More Bad News for Riksbank: Biggest Union Boss Hates InflationBy and
Wage drift to fall short as bank underestimates flexibility
LO says would be surprised if there were big changes to wages
Sweden’s biggest union isn’t about to help the central bank save the credibility of its inflation target.
According to the Swedish Trade Union Confederation, or LO, the record-wave of immigrants and an influx of labor from abroad will hold back salary gains despite an economy that’s firing on all cylinders.
“I’d be very surprised if there was a big change in the wage levels we’ve seen in the past years,” LO President Karl-Petter Thorwaldsson said in an interview last week in Stockholm. “I hope we don’t get wage inflation.”
That’s bad news for the Riksbank, which is counting on accelerating wage gains to help lift inflation that has held way below its 2 percent target for more than half a decade. Thorwaldsson is even opposed to a more expansive fiscal policy, which also would help the struggling central bank.
LO, which represents almost a third of all Swedish workers, has big clout in the the country’s collective wage negotiations since it represents three of the five unions whose deals set the benchmark for all other workers. For two decades, employees in construction and retail have accepted pay increases similar to those negotiated by workers at big industrial exporters.
The system is designed to keep the Swedish economy competitive. And at least for the central bank, it’s working a little too well.
Low nominal wage gains are now helping keep a lid on inflation despite the central bank cutting rates deep below zero and unleashing a bond buying program since early last year. Underlying price gains have averaged 1.2 percent in the eighth years since the eruption of the global financial crisis.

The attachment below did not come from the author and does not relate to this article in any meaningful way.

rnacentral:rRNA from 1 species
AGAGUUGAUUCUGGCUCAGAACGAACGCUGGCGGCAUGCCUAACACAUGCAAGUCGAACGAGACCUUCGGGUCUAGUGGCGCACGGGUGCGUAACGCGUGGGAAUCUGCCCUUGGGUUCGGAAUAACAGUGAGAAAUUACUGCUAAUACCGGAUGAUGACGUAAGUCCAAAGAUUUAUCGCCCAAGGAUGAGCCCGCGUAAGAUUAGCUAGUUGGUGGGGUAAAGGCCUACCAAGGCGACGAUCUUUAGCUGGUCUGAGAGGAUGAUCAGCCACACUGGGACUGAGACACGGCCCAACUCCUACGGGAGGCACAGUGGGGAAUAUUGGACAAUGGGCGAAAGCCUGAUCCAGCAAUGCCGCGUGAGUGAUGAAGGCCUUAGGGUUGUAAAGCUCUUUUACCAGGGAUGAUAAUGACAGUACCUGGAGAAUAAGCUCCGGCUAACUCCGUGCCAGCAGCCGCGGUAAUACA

But the central bank, led by Governor Stefan Ingves, is now saying that the booming economy and a shortage of workers will serve to drive up inflation. It sees wage increases of 3.2 percent next year and 3.5 percent in 2018, up from just 2.4 percent last year.
Nordea Bank, the largest Nordic lender, says wages would have to rise by at least 4 percent to 4.5 percent for the Riksbank to deliver on its forecast that it will reach its inflation target by the middle of 2018.
Thorwaldsson said those types of wage gains aren’t realistic. He predicts wage drift -- the additional pay workers get on top of centrally negotiated salary increases -- will now continue to fall short of historical gains.
The Riksbank is “underestimating that there is a flexibility in the system,” Thorwaldsson said.
Labor shortages in construction and transport may now not lead to as big a pay drift since the gaps are now being filled by more workers from other European countries, which have lower salaries, he said. Fewer sectors also do wage revisions throughout the year, he said.
“It seems like wage drift is falling, and for us that’s very good as wage drift is a super difficult part of wage formation,” he said. “It often leads to compensation in other sectors.”
Recent history shows that the Riksbank has a habit of being too optimistic on inflation. A study released this week by the bank’s own economist showed it was the second-worst among 10 institutions in predicting headline inflation from 2007 to 2015. It only ranked sixth in anticipating its own repo rate.
Thorwaldsson’s fears of excessive wage gains come from his experience in the 1980s, when high inflation eroded real wages. A shift since to an inflation target and a new framework for wage formation has led to real wage gains.
In the past 20 years, “the real wage for an LO worker in Sweden has increased by 60 percent,” Thorwaldsson said. “I now travel around the world and meet people who haven’t had a raise in 30 years. We’re world champions in wage formation, why would we destroy that just because the Riksbank wants help with inflation?”